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Can Philosophy Be Intercultural?

An African Viewpoint

As we push closer to the twenty-first century, it is relevant to speculate whether the different peoples of the world can have any prospect of a more peaceful coexistence in the coming millennium than hitherto. It seems reasonable to suppose that intercultural dialogue in philosophy can be of service in the pursuit of this ideal and ought therefore to be promoted or, at least, cherished by all philosophers of goodwill. In this way they would be playing their part in the re-education of humankind. But if "ought" implies "can" then whether philosophy can be intercultural is a prior and more fundamental question.

Actually, the question of whether philosophy can be intercultural must sound highly redundant to contemporary African academic philosophers, most obviously because their philosophical discourse is generally in the language of some foreign culture, either English, French, German, Spanish, or possibly Portuguese. One direct implication of this is that the philosophies of our own cultures, as expounded in such languages must, in principle, be intelligible to the people who own the languages concerned. And if they can understand, they can evaluate, for to understand a proposition is to know what it means for it to be tree or for it to be false, which entails the possibility of knowing in what circumstances these truth values hold.(1) And, most importantly, this last consideration implies the possibility of common criteria of intellectual evaluation.(2) Such criteria are, in fact, constantly used in the work of philosophers, of whichever culture, who make comparative expositions of African and Western philosophy. To put it in a little more detail, some African philosophers teach both African and Western philosophy to African and Western students, and some Western philosophers do exactly the same. One could, of course, bring Oriental philosophy into the ambit of this remark. In this case there actually are historical illustrations of interaction. Some of the great philosophers of the Western world, for example, Schopenhauer and (more controversially) Hegel, are known to have derived some parts of their doctrine from some Eastern sources, though the indications of this intellectual traffic are not voluminous. Still, one thing is clear: none of this would be possible in the principled absence of some common semantic and logical canons of thought.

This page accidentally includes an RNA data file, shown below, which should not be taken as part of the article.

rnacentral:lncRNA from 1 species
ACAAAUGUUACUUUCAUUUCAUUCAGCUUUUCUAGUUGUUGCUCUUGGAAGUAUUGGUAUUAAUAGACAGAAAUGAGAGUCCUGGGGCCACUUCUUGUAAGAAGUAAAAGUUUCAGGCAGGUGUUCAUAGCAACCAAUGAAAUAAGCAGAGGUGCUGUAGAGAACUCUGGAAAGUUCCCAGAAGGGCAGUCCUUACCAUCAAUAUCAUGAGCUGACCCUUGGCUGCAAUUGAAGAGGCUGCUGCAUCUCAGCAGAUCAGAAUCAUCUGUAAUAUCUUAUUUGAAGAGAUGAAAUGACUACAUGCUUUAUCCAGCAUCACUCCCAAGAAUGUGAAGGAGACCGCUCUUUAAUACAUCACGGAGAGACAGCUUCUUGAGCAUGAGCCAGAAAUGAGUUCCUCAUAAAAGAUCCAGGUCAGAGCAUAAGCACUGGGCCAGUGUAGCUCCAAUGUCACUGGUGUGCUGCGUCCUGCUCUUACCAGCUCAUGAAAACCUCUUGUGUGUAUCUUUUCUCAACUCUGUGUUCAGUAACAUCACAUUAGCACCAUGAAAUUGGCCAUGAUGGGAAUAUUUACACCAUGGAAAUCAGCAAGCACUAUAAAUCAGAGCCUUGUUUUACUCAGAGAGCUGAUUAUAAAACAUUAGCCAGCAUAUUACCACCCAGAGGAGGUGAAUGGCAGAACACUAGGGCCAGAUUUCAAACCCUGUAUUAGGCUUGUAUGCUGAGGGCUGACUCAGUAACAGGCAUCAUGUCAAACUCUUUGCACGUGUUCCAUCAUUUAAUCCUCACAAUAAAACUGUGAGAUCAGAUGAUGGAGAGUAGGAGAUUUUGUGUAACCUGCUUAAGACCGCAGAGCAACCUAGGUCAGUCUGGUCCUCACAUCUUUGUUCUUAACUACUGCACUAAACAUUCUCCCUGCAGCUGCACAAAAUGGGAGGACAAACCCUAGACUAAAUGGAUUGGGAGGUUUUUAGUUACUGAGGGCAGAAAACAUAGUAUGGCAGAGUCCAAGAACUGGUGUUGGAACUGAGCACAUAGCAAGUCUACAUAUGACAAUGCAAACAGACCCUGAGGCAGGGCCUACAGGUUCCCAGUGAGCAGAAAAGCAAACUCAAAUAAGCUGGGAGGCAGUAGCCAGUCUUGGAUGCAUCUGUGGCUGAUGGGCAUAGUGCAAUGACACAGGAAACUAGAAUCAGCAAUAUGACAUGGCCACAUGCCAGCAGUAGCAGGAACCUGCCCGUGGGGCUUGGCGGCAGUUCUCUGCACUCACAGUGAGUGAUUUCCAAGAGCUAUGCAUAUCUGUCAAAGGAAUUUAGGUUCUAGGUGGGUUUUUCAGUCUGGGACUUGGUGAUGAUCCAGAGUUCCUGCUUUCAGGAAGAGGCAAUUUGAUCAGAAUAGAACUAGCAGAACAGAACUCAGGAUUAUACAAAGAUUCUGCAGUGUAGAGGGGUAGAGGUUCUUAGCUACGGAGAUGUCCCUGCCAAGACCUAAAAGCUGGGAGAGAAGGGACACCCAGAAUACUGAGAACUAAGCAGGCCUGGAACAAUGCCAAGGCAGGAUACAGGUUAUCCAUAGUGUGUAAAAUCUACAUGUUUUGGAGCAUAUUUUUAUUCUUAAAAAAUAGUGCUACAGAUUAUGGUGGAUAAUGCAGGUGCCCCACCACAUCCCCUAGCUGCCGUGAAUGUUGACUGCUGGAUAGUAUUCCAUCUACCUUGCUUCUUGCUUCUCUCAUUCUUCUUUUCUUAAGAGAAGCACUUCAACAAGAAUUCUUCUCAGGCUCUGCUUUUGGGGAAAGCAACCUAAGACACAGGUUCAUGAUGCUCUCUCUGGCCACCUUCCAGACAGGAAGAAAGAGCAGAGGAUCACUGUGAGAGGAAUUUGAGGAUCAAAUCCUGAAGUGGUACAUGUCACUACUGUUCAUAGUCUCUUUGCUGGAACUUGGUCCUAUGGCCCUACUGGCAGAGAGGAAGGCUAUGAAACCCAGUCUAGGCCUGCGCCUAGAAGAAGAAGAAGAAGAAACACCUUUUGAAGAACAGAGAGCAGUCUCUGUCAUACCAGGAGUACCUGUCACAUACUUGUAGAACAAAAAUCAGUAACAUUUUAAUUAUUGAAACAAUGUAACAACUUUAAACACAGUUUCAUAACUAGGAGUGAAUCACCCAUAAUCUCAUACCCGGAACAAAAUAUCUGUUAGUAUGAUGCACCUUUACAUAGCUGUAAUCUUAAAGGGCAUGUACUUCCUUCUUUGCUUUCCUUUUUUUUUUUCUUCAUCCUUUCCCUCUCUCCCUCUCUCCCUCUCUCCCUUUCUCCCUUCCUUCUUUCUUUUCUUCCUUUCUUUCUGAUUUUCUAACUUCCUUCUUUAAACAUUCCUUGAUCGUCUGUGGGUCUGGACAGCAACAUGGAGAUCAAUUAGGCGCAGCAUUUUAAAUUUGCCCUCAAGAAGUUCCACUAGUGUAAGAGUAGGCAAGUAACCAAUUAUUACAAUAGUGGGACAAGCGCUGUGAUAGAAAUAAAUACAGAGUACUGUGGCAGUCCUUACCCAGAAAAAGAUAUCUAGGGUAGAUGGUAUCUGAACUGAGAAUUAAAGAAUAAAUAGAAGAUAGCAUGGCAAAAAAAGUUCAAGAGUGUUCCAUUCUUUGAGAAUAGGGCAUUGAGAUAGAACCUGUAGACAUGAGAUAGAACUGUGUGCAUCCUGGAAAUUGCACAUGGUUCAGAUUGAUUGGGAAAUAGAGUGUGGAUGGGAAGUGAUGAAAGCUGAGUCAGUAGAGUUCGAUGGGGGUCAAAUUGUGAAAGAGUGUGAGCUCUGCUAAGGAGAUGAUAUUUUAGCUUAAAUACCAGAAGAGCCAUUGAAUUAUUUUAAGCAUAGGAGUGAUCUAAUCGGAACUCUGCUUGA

What do these considerations show? They show not only that philosophy can be, but also that it has sometimes been and sometimes still is, intercultural. This is obvious but sometimes denied by implication. Thus it is sometimes thought to be sufficient proof of error to comment that somebody is using Western intellectual canons to evaluate some African conception. No, that can never be sufficient. One must go further to show that there is something wrong with the specific canons in question or that they are inapplicable for specific reasons. This law of criticism would apply also to someone criticizing another for using some canons of reflection deriving from African thought in evaluating some doctrine in Western philosophy. The point now is that one can only go beyond such parochialism by a mode of reasoning intelligible to both the African and Western sides, in other words, by what I have called independent considerations.